. Easy kids
Posed, but an appropriate vignette of my macaroon making experience:
I decided to go the extra mile (ok, inch). Rather than just make macaroons from the egg whites, sugar, and coconut called for, I was going to dress half the batch with chocolate. Working with melted chocolate intimidates me less than a lot of foods because I've been dipping strawberries since I was 15; I know about being careful not to burn the stuff.
Over comes TA Nattie, drawn by the offer of chocolate, and excited to make ganache. I had the chips melting in a double boiler; Nattie got in there and made it a ganache with cream and butter. OK, I left her to do that; I started mixing the coconut into my carefully portioned soup of egg white and sugar. I was most of the way through the batch when the chocolate was ready (Nattie sampled it like three times) and I realized I had never measured the coconut.
Time to call in more help. TA Jeff came in and assured me I could add yet more coconut. Done. Now it was all I could do to keep mixing the stuff, it was so thick, so I was sure it was dense enough (macaroon "batter" needs to be very dense so it holds shape). As per the recipe, I scooped out a half my batch onto the line
d tray, to be baked plain.
Time for ganache! With the help of Huiming and Nattie's implicit encouragement I started scooping the rest of my batter onto puddles of chocolate on the line
d baking sheet, to coat the bottom. Nice, nice, it was going well until teammate Francesca came over and explained, very kindly, that the chocolate would run and burn and this would not work. Hm, I thought, but if that's true, surely Nattie would have mentioned it. That's when Instructor Norkus came over. "Yeah, chocolate dip after baking." So there it was.
Francesca had the excellent idea now to remix all the chocolate dipped batter and re scoop it all out, thus making chocolate macaroons. Thus the above photo was taken, the mixture in the bowl, Nattie helpfully motivating me with a rolling pin. Brilliant. Done. Into the oven. Everything lost its shape . . . I was trying to make the Rockies but instead made macaroon Appalachia . . . but it was all going well taste-wise. Thank God I'd measured the egg and sugar. All the while, though, I was target for the slings and arrows of Mr. Norkus's good natured jabs. He was so bad to me he felt impelled to confess, "I love you, man," at one point, which only showed that he was worried I couldn't take the heat. Little did he know, I was not even down, let alone out.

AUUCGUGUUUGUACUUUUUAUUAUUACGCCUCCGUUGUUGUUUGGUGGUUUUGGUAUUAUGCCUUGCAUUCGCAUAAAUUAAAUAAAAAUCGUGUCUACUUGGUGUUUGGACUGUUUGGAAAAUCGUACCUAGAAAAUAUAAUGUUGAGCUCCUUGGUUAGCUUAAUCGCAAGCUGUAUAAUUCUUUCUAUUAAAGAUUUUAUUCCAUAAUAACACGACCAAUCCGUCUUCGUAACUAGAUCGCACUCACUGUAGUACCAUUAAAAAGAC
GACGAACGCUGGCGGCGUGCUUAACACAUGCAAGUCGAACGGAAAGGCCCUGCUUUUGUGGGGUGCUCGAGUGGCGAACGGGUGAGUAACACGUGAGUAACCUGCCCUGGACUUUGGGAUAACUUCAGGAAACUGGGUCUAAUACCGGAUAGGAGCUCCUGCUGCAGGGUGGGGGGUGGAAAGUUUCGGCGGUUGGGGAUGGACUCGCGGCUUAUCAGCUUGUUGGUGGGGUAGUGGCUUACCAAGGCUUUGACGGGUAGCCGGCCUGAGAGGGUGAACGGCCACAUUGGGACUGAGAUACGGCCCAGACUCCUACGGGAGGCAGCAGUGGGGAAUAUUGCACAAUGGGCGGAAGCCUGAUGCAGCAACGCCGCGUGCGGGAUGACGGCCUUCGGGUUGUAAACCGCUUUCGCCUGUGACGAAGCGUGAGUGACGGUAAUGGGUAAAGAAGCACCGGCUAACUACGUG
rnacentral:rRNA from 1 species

With Francesca helping me watch the dessert bake to ensure things like appropriate browning and turning of the trays, I was unstoppable (ok, Francesca was unstoppable) and well on my way to earning the moniker "Daddy Mackaroon." Out they came, cooled, now it's time for service. Bam, out go the plains, golden and nicely arranged on a plate. Biff, out go the chocolate macaroons on another platter. Pow, it's dippin time, and though the old ganache was wasted in the chocolate macaroons I've made a spanking new batch, improved with little hardened bits of the old stuff (because I didn't want to dirty a new bowl, duh), and that baby is looking fine in a coat or drizzle on my remaining 1/3 of the batch.
And here come the crowds and, this time I am not joking, wave after wave of babealicious babes are coming over, hungering for a chewy little drop of Jewish heaven, praising my work, sending it swimming in the bowl of extra ganache I have so thoughtfully served beside my platters. There is not a peep from Mr. Norkus, and I am snapping photos and takin' names . . .
. . . as the rest of my team finishes and plates the quiche and fruit tart I had virtually nothing to do with, heh heh. Nice job guys.